Standing in a widened stance, lean to your right side, bending your right knee. You’ll feel the stretch in your groin. Hold for 30 seconds for each side.
The beauty about stretching is that there are so many options, and they all have their benefits. It’s important to know your body and to listen to it. As you start, you may not be as flexible as you’d like. But remember what we’re doing here: working on our weaknesses and improving.
Looking for more? There are lots of great stretching and yoga videos available.
Dynamic stretching is a great way to warm up your body pre-run, cool down post-run, and get a little extra strengthening while you’re at it. It only takes a few minutes and can make a big difference in your running. Here are some of our favorite routines.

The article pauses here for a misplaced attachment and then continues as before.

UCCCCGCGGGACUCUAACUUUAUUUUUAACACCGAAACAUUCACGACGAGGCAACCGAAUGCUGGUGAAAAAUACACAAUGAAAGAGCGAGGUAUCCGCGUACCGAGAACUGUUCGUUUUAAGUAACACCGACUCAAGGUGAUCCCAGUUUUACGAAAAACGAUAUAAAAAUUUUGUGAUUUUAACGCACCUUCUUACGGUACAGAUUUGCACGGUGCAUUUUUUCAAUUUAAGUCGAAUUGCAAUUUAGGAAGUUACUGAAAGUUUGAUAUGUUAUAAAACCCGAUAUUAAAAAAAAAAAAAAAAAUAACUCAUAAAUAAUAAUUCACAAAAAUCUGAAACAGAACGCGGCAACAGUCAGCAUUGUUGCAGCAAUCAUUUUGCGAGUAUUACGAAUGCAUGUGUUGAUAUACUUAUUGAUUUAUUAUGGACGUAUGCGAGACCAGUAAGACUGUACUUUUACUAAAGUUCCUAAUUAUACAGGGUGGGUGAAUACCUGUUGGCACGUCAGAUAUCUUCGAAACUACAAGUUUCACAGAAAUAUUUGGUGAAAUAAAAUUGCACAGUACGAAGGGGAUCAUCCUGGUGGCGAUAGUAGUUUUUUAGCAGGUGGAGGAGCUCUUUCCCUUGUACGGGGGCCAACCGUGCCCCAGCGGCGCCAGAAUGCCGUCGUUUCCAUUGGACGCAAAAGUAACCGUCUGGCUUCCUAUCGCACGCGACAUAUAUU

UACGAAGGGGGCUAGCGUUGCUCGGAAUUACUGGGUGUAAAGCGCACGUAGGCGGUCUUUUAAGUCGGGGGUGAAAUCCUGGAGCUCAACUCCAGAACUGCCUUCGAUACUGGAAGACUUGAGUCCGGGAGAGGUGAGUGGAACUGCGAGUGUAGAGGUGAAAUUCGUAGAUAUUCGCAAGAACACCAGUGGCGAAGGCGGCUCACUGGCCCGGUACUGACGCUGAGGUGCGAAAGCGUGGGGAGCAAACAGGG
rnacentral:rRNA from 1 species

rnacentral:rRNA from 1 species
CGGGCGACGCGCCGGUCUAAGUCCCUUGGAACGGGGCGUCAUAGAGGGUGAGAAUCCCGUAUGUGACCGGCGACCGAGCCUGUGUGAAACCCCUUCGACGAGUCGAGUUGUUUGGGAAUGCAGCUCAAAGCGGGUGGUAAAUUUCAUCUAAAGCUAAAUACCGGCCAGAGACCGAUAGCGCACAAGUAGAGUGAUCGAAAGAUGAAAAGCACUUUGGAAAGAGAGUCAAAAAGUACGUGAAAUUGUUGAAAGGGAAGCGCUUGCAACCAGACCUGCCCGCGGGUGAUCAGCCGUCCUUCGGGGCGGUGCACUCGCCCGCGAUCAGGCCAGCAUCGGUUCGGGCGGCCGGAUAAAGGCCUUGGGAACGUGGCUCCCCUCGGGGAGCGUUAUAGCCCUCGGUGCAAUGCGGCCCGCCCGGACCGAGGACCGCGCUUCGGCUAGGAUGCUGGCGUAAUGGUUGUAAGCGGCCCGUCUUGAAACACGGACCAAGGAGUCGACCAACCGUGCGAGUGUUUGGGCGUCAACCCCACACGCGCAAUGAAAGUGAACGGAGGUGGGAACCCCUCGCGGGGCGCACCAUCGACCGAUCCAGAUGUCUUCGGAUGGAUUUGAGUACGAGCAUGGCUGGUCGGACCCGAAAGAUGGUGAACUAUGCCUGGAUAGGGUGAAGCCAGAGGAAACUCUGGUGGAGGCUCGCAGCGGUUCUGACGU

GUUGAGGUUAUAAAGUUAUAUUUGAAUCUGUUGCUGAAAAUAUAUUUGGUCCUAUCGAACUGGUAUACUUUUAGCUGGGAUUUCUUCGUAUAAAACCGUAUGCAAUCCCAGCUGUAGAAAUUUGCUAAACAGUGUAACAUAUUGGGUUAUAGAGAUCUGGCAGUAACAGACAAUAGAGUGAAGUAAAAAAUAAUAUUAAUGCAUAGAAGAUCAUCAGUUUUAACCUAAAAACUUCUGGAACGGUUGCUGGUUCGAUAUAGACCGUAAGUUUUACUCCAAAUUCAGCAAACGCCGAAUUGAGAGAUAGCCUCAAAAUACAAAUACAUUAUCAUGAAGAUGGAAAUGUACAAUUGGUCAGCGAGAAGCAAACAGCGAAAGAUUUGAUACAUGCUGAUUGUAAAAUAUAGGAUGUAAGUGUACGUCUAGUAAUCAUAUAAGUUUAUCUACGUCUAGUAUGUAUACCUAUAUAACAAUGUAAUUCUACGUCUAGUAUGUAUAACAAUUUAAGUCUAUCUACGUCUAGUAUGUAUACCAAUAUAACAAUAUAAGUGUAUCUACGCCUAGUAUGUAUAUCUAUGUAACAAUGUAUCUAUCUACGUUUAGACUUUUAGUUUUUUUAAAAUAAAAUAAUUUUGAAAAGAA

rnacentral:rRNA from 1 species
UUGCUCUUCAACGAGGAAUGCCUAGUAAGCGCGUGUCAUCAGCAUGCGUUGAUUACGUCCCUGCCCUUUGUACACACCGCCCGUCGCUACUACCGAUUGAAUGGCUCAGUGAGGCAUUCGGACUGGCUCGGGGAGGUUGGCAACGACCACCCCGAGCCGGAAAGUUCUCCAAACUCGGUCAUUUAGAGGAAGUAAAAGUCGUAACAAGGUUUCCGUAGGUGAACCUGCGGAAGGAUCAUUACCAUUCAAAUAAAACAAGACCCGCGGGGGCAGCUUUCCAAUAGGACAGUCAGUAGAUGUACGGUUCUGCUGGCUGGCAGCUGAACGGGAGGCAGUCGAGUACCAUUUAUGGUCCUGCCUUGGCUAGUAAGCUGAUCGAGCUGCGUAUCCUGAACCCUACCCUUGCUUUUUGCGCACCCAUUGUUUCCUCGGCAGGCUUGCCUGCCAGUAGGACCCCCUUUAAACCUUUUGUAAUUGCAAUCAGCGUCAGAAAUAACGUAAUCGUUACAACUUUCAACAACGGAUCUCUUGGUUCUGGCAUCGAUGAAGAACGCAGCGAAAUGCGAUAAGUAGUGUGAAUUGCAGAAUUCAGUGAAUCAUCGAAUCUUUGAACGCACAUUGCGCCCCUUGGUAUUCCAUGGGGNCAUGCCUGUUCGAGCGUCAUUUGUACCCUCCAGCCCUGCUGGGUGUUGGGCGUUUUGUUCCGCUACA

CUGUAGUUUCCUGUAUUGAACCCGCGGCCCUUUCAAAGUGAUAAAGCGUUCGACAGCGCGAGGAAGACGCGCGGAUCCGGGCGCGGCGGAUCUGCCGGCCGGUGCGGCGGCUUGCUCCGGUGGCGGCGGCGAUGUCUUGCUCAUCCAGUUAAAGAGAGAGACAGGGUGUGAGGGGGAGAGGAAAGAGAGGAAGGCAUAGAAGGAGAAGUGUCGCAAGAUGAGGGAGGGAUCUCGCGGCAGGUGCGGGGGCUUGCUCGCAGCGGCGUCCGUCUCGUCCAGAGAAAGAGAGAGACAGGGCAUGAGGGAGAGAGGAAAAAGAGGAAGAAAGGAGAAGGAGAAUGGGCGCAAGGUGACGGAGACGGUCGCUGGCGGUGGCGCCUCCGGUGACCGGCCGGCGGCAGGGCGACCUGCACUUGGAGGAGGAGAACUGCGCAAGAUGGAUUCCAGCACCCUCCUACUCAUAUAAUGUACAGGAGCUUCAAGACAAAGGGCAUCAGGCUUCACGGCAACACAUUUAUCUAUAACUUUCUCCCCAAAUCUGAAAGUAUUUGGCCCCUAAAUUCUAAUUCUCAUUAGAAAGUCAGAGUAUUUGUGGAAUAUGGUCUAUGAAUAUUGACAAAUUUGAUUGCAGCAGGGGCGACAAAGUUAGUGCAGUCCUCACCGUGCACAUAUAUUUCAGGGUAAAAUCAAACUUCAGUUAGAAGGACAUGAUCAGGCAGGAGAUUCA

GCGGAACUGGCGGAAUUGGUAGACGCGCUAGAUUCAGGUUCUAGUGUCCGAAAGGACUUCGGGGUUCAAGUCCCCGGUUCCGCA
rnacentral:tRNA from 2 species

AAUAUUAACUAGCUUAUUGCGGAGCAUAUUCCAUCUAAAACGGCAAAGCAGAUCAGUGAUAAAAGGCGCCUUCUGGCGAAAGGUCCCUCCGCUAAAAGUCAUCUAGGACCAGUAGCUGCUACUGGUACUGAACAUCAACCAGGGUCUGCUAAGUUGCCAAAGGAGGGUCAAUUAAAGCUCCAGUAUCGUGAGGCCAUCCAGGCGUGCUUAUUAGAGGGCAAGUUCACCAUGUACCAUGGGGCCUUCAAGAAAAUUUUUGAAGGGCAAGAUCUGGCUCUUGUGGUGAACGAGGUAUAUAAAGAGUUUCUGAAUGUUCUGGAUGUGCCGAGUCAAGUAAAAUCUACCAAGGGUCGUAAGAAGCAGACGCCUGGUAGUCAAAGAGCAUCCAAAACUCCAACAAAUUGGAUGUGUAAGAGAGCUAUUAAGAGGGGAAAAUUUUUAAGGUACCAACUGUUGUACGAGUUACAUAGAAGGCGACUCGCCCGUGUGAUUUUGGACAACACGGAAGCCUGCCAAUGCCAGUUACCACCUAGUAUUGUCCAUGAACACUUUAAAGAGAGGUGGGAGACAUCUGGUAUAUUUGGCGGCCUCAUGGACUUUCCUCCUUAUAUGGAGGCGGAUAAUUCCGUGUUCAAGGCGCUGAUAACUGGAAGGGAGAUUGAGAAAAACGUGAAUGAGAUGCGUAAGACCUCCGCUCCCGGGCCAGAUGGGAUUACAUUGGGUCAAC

10 forward for each leg.
10 backward for each leg.
Add an upper body twist for a little extra stretch.
Pay attention to alignment and try to keep your knee in a straight line and don’t let it extend out over your foot. With the twists, you want to twist your upper body towards the lunging leg.
This helps get the blood pumping through your legs and core muscles and gets those muscles firing!
10 forward for each leg.
10 backward for each leg.
10 side-to-side for each leg.
Try holding onto something with the opposite hand of the leg you are swinging. Be in control and don’t over-swing. Make sure to keep your core and upper body tight. This is not about how high you can get your leg!
This helps loosen up your hips, hamstrings, and legs and is especially useful before a speed workout.
Calf Raises on Stairs
10 for each leg.
Stand at the bottom of the stairs (you can hold onto the railings). Step up two steps with one foot and raise up to your toes. Bring your foot all the way back down to the ground and repeat.
This is a great way to stretch your lower leg muscles and work in some mobility after your run. If you ran long or steep or hard, you will definitely feel this one!